IZA World of Labour report sees Japan maintaining stable workforce despite aging population

By BizClik Admin

Labour market in Japan can be used as a role model for countries around the world on how to tackle an aging society, according to a new report.

IZA World of Labour have published a report looking at developments in the Japanese labour market since 2000.

The report finds that despite a lower amount of people of working age, Japan has managed to sustain its labour force size mainly thanks to to employing more women.

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Aging populations typically lead to a shrinking workforce and a higher cost of social insurance.

It’s thought that Japan’s solutions can provide lessons to other countries “regarding how demographic shifts affect the labour market and individuals’ economic wellbeing.”

Daji Kawaguchi at the University of Tokyo and Hiroaki Mori of Hitotsubashi Unversity say that Japan’s experience illustrated the impact of rapid population agins on the structure of the labour market, particularly through an expanding healthcare industry to cater for a higher number of elderly people.

It was found that despite the sharp decline of just under 10mn in the working-age population in Japan from 2000-2016, the country’s labour force has managed to maintain stability.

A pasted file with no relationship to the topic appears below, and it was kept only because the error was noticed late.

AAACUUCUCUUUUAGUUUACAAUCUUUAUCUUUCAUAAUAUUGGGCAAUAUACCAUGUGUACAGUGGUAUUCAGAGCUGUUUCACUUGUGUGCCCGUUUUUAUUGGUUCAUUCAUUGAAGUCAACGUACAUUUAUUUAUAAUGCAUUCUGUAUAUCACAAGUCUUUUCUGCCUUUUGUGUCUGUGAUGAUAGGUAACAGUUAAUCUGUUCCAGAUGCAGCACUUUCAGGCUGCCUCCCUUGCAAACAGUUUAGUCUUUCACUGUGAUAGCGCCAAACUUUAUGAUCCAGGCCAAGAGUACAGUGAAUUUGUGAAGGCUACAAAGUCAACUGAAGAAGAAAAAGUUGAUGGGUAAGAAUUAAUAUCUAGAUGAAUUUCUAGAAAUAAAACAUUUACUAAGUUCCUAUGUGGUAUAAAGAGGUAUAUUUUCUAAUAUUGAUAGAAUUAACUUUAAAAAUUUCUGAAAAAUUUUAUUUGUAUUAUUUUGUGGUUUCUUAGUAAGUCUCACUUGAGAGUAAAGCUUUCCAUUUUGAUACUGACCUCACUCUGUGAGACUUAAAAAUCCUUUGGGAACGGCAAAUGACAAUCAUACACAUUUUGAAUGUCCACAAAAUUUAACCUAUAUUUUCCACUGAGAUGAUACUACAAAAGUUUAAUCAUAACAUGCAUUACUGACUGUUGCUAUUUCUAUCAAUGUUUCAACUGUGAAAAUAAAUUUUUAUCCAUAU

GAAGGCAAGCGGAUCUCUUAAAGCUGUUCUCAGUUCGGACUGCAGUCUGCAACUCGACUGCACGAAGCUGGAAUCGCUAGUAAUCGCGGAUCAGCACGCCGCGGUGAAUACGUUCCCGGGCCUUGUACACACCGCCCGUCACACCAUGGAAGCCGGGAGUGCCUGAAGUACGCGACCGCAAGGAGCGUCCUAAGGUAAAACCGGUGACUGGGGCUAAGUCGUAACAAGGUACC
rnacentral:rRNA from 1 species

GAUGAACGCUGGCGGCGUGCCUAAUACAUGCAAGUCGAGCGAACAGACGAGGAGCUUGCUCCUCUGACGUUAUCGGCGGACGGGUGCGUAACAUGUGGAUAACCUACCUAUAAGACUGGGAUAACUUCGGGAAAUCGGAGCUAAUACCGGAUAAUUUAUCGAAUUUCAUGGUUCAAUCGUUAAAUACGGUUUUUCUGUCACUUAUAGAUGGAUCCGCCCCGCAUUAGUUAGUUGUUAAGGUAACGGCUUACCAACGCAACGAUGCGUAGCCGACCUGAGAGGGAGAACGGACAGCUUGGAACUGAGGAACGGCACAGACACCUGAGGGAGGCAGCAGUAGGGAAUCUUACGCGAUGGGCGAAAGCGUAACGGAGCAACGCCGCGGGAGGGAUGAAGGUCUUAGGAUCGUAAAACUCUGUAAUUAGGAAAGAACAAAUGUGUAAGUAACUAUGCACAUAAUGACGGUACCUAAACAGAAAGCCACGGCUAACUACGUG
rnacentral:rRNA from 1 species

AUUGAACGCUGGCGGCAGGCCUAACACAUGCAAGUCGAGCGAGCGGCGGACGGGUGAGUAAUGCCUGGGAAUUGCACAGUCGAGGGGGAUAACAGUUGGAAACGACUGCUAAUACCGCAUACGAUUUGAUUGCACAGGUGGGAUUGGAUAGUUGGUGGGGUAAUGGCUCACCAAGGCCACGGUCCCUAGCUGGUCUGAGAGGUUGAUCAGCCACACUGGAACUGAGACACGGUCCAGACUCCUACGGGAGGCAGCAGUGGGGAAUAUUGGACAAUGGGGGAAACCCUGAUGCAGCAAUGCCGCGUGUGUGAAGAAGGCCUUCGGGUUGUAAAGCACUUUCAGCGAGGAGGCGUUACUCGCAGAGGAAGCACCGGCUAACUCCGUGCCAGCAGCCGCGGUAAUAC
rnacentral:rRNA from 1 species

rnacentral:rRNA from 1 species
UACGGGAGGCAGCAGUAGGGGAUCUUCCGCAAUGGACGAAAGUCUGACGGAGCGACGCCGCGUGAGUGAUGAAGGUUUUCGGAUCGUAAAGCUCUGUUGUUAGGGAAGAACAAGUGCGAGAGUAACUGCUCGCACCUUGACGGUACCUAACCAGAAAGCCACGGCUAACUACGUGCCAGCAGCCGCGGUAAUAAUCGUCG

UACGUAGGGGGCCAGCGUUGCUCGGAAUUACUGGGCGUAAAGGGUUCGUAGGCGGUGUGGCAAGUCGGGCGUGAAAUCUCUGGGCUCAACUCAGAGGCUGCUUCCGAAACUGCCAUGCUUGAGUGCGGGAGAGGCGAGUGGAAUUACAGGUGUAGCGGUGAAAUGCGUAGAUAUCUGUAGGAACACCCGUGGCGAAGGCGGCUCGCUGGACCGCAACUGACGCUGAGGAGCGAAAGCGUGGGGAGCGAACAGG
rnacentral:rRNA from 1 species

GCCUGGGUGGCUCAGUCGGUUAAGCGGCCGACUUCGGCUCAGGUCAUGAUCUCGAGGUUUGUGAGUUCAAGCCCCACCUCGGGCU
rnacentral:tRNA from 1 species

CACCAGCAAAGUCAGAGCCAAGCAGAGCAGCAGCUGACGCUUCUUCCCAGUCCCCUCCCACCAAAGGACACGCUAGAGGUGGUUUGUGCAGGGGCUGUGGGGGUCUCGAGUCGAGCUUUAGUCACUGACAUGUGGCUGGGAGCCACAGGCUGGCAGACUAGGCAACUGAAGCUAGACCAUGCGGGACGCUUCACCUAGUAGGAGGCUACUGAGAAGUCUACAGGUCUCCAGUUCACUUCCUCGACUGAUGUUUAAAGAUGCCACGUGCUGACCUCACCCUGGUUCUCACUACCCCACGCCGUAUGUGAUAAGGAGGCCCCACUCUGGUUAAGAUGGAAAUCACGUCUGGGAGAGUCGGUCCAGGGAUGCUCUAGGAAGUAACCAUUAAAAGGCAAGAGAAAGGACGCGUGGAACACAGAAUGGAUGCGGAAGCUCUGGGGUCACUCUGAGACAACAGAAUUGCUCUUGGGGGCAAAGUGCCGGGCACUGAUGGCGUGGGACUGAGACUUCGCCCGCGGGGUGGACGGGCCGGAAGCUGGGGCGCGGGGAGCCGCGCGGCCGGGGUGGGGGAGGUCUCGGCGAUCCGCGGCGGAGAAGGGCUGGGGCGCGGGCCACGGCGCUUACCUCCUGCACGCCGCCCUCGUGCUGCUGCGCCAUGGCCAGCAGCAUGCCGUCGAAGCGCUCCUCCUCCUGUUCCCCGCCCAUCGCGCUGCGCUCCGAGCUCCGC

This stability reflects an increasing labour force participation rate (LFPR) among women aged 25-54. This was stagnant in the 1990s but between 2000 and 2016 increased by 2016.

Participation of women has especially increased in the healthcare industry, with 2.5mn more women entering the healthcare workforce in the last 16 years. The industry currently employs around 21.6% of female workers.

It was recently announced that Japan’s elderly population has reached record highs with over 2.06mn people aged over 90 in Japan, however some people over 60 are calling for the term “elderly” to be redefined as that demographic still makes up 11.9% of employed people in the country.

Healthcare and tech companies can see many opportunities in the challenges that face an aging population, from healthcare solutions to drive-thru funeral parlours.


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